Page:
In comments at Joint Base Andrews, Mr. Trump blasted the Democrats. “What these guys are doing, Democrats, are doing to this country is a disgrace,” he said.

During a visit earlier Thursday to the staff of the U.S. mission to the United Nations in New York, Mr. Trump criticized those who leak to the media or whistleblowers, suggesting they are spies who must be dealt with and that the conduct was treasonous, according to two people familiar with his remarks. The people said it was clear the president wasn’t joking.

The complaint was released along with a letter from the intelligence community’s inspector general that deemed the complaint urgent and credible.

The complaint, submitted in August, focused on the July 25 call between Mr. Trump and Ukraine’s president. It said it also drew from testimonials of more than a half-dozen unidentified U.S. officials who expressed concern about Mr. Trump’s conduct.

On the call, Mr. Trump pressed Mr. Zelensky to investigate Joe Biden and his son, Hunter, according to the memorandum released by the White House. During the call, Mr. Trump mentioned the aid that the U.S. provides Ukraine, but didn’t present it as an explicit quid pro quo for a probe of the Bidens.

On the call, Mr. Trump raised a discredited claim: that as vice president, Mr. Biden called for the ouster of Ukraine’s prosecutor general to protect his son, who sat on the board of a Ukrainian company whose owner the prosecutor had investigated.

The prosecutor was the target of widespread criticism from the U.S. and other countries and had in fact hampered the investigation into the company, Burisma Group. Ukraine’s prosecutor general in May said he had no evidence of wrongdoing by Mr. Biden or his son.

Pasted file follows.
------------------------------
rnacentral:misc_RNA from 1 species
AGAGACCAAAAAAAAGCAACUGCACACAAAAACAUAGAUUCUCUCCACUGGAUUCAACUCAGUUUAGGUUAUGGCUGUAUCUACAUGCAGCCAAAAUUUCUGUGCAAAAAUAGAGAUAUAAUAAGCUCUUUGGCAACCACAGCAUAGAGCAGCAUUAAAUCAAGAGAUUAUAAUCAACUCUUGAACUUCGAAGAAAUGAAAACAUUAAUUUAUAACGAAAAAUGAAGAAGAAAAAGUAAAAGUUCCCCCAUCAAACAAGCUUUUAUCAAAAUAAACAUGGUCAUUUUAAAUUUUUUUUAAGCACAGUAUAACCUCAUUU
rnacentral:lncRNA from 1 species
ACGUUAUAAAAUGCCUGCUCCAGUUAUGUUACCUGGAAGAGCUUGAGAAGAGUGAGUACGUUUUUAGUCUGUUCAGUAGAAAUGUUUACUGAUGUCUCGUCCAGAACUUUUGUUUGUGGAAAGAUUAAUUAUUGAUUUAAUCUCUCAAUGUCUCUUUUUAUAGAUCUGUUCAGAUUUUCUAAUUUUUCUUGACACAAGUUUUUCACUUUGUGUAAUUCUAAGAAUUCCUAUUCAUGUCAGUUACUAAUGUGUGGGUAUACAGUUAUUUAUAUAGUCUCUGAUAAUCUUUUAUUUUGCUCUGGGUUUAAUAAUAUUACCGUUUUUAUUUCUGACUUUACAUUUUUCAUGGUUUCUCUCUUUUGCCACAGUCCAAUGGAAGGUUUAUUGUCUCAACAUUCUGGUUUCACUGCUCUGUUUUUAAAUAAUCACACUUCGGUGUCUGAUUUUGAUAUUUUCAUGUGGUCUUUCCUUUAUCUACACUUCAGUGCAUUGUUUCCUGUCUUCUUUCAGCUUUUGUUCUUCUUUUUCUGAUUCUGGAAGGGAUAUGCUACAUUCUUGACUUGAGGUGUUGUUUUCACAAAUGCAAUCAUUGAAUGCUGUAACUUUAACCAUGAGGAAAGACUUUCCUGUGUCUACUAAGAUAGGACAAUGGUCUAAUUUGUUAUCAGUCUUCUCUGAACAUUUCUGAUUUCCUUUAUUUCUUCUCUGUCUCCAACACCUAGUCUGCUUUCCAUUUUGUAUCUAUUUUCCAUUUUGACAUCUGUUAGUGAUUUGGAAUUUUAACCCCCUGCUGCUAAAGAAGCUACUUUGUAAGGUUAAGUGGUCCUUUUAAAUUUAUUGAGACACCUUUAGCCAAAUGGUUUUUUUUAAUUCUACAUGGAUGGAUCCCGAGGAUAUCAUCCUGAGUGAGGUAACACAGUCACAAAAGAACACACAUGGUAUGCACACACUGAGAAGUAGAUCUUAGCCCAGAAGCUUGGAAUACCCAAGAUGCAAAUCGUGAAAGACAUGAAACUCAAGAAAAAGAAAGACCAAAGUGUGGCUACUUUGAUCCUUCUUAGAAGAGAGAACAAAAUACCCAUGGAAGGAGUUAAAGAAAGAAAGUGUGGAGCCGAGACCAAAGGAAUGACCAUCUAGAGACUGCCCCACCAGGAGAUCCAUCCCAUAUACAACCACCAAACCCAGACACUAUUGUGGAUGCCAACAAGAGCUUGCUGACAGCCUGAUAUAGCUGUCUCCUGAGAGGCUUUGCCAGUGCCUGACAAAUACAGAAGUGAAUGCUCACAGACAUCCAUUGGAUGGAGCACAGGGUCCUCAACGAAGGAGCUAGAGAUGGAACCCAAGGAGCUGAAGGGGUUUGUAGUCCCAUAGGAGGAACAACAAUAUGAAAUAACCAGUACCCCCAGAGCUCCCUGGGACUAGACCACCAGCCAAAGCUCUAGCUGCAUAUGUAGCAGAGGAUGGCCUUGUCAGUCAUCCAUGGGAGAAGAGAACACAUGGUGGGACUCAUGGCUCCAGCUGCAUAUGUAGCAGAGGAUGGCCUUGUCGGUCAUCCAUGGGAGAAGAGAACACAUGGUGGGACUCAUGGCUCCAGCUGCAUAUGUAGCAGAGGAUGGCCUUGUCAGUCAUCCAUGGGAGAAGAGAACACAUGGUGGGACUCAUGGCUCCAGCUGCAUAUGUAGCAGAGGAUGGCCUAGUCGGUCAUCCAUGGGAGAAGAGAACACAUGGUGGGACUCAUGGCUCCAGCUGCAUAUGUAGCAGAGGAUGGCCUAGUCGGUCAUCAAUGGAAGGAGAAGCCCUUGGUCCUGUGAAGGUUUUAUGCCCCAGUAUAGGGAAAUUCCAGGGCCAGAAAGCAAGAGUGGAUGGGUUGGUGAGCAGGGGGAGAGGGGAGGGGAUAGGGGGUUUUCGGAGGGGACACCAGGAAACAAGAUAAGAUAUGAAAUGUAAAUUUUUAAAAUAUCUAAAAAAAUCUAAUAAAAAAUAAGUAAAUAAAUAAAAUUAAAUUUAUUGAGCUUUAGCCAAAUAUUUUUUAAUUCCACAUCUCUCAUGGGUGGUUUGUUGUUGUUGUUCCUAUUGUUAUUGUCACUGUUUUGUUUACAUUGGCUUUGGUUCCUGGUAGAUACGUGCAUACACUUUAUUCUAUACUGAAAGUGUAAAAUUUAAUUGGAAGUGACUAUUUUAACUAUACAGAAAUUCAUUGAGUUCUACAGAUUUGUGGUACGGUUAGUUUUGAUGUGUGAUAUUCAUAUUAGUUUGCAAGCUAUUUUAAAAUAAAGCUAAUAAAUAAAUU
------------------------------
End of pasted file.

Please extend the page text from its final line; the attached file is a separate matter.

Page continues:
White House officials told the complainant that they had been “directed” by White House lawyers to remove the electronic transcript from the computer system that stores such transcripts and allows for distribution to cabinet-level officials, and instead store it on a separate system reserved for handling highly classified information, the report said.

“This set of actions underscored to me that White House officials understood the gravity of what had transpired in the call,” the complaint said, noting also that White House officials said this wasn’t the first time the Trump White House had put a presidential transcript in the tightly controlled system.

Acting Director of National Intelligence Joseph Maguire testified before the House Intelligence Committee about the whistleblower complaint filed against President Trump. The complaint was released shortly before Maguire appeared before the panel.

A former White House official familiar with National Security Council computer systems said it would be “highly unusual” for material regarding Mr. Trump’s call with the Ukrainian leader to be put on the tightly restricted computer system reserved for the most secret material, such as information about U.S. covert actions and counterintelligence issues.

The declassified complaint, which contains some redactions, also states that the whistleblower learned from U.S. officials that Mr. Trump instructed Vice President

Mike Pence

to cancel a planned trip to Ukraine to attend Mr. Zelensky’s inauguration. Energy Secretary

Rick Perry

led a delegation instead, and the officials said that it was “made clear” to them that Mr. Trump didn’t want to meet with Mr. Zelensky until Mr. Trump saw how his counterpart “chose to act.”

SHARE YOUR THOUGHTS

Which part of the complaint is the most important to take note of? Why? Join the conversation below.

Mr. Trump’s comments during a news conference on Wednesday suggesting that lawmakers should ask for transcripts of Mr. Pence’s calls with Mr. Zelensky weren’t off-handed, according to a senior administration official. Some in the administration have discussed releasing the transcripts of Mr. Pence’s calls after a review of them didn’t raise any red flags, a senior administration official said, adding that the idea has caught the president’s attention. Mr. Pence has had two known telephone calls and one in-person meeting with Mr. Zelensky.